A publication of the Archaeological Institute of America
Letter From Scotland
Were the residents of a Scottish hillside immoral squatters or hard-working farmers?
It had to have been one of the most defeating days of Alexander Littlejohn’s life. After 40 years of living in a home he’d built by hand, the 85-year-old was unceremoniously carried out, still lying on his bed, as his family looked on. Local folklore tells of how he was made to watch as bailiffs removed all his furniture, smashed his walls, and burned his roof.
It was Scotland, 1878. There was little compassion for landless peasants. The Littlejohns lived on the slopes of Bennachie, a prominent rounded hill in northeastern Scotland. Years before, Littlejohn had been lured to the hill—a patch of common land, where local people had traditional rights to use its resources to support themselves—because it offered a small opportunity to build a life of his own. But eventually local landowners decided to revoke the land’s common status and claim ownership. When the elderly Littlejohn became unable to pay the rent, he was evicted in front of his wailing grandchildren.
Standing on the slopes of Bennachie today, next to the knee-high ruins of Littlejohn’s croft, it appears idyllic. Sunshine bathes the south-facing slopes, which offer splendid views of rolling hills and open skies. A freshwater spring gurgles behind the remains of the house, and a hillfort, built in the late Iron Age by the Celtic people known as the Picts, stands sentinel above. But it is a misleading picture. “Living up here would have been really harsh, particularly during the cold, snowy winters,” says Jeff Oliver, archaeologist at the University of Aberdeen. “The land is marginal and windswept and would have been covered in scrub and small trees at that time. Water runoff down the hillside was a huge issue. It was hardly an ideal place to set up a smallholding.” Despite these challenges, at its peak in the 1850s, the hillside supported a colony of some 70 settlers—10 families—who came from all over Scotland to try to make an independent living.
Since the early eighteenth century Scotland had been undergoing what was known as “improvement.” Before then, landless peasants were able to support themselves by farming small plots of land as tenants of wealthy landowners. But those landowners were determined to bring Scotland into the modern age by transitioning from arable and mixed farming, which supported a large tenant population, to sheep farming, which was proving more profitable. History records brutal evictions and forced emigration of the surplus farmers as aristocratic landowners instituted an agricultural and social revolution.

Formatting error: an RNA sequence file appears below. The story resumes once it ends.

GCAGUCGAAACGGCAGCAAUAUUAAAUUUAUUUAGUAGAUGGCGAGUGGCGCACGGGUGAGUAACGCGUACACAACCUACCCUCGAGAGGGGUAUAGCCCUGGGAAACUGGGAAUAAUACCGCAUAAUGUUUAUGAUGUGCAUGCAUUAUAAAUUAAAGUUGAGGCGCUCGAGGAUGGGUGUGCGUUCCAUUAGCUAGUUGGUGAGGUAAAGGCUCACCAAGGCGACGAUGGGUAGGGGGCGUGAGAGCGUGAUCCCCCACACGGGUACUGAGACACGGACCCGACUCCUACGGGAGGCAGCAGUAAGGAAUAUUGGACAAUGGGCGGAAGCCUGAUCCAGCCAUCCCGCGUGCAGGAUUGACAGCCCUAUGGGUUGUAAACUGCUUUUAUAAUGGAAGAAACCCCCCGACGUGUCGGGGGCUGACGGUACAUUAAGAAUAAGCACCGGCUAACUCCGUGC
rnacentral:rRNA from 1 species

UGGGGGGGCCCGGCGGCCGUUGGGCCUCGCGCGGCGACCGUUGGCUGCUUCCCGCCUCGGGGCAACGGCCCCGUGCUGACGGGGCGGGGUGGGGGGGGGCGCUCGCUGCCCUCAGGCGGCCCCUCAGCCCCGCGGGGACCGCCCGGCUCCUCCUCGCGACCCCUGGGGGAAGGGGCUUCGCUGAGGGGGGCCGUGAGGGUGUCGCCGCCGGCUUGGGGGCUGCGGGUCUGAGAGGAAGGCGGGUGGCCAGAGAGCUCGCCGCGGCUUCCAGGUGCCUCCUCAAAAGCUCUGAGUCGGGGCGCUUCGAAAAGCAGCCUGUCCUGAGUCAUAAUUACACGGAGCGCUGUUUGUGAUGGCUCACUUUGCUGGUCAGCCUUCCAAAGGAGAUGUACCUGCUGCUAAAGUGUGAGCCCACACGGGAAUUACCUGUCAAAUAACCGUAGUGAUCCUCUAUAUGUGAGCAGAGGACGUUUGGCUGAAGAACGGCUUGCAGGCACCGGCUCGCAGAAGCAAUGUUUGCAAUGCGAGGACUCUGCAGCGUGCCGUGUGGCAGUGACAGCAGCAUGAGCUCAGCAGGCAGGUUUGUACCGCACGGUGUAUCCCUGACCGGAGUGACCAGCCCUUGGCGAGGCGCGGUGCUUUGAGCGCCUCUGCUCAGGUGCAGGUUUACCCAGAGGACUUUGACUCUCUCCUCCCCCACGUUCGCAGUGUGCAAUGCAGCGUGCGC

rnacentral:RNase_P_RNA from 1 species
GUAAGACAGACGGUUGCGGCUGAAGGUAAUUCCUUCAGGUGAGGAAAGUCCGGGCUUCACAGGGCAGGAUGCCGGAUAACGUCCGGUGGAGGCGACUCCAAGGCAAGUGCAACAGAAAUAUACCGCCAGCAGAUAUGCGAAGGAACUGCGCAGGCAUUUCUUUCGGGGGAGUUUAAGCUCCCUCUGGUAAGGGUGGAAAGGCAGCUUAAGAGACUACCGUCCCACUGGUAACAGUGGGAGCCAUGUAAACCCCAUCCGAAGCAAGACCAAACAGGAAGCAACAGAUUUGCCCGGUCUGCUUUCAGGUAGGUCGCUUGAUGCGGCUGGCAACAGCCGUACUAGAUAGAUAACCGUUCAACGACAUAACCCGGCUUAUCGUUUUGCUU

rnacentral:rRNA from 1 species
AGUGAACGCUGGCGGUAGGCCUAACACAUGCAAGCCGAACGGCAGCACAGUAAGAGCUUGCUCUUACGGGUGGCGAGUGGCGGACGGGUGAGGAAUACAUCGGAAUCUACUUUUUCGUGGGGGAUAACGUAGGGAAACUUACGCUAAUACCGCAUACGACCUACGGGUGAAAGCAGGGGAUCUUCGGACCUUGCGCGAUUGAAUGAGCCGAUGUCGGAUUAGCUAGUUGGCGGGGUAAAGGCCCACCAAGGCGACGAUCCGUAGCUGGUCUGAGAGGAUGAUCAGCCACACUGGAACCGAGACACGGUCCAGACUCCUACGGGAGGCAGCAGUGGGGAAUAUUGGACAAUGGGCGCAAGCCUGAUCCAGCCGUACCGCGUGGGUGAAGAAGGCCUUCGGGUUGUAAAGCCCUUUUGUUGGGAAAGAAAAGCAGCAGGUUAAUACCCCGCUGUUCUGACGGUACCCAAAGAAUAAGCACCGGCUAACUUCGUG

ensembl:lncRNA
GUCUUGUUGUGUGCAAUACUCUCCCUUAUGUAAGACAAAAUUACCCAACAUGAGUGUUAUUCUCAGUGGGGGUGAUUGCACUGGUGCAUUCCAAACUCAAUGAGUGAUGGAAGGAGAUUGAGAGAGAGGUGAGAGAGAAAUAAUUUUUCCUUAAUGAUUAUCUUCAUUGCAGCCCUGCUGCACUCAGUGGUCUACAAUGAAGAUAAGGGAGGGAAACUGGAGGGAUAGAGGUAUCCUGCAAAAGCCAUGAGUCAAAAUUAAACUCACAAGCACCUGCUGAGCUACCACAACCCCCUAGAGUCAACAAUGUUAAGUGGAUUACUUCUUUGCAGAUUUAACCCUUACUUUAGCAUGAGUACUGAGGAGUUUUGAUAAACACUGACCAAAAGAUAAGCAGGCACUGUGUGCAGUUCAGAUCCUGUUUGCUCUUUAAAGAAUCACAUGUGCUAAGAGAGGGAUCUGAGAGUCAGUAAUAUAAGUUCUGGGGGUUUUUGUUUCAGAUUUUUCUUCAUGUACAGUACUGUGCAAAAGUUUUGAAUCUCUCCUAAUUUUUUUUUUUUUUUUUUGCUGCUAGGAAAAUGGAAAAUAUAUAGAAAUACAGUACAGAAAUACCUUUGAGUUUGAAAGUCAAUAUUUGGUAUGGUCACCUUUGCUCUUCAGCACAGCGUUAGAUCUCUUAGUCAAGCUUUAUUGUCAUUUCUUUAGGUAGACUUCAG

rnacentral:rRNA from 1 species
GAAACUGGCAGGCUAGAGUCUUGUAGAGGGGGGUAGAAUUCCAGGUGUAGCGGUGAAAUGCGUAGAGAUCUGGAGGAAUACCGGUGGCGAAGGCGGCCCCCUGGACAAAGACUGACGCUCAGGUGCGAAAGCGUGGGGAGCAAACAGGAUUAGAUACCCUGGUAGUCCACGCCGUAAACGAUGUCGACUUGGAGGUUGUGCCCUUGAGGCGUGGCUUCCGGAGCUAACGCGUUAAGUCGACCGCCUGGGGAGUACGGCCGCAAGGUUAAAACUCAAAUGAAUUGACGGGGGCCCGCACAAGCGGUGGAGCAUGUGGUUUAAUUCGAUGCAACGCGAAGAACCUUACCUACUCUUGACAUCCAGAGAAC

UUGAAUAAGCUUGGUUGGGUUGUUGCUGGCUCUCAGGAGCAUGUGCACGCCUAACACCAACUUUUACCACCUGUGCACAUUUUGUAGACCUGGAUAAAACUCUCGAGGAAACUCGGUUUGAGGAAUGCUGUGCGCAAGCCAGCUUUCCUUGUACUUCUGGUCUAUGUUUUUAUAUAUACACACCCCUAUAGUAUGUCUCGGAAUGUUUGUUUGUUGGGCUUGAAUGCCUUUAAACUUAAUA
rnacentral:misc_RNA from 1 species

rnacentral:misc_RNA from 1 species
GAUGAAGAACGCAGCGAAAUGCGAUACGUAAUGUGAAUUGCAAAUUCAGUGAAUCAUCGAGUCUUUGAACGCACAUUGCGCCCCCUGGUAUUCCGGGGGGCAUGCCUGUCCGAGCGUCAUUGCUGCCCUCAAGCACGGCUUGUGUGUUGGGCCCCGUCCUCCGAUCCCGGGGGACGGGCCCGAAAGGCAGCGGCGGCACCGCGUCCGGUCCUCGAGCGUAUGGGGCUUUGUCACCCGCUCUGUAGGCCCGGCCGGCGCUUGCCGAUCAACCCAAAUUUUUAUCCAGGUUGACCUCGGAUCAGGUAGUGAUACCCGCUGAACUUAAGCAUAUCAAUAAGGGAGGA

Many people who were cleared off their land emigrated to North America, Australia, and New Zealand. Among those who could not emigrate or chose to stay, some toiled on the new sheep farms. Others were tasked with farming marginal land in new “crofting townships.” And a large proportion became migrants, perpetually traveling around the country in search of work. They constructed temporary dwellings from turf and heather thatch and moved on when work dried up. Some of these migrants ended up at Bennachie, where they found a stability few others did. “It is one of the few sites that we are aware of where this pool of landless people could form a settled community. People arrived here from all over the north and east of Scotland,” explains Oliver. Unlike other landless folk, the Bennachie people settled down long enough to have left a mark. And a rare mark it is. Historically, there are no other colonies known in Scotland quite like this one. Seldom do such marginalized people leave much in the archaeological record. To some extent, the story of Bennachie is the story of marginalized people everywhere—an important story rarely preserved or told.
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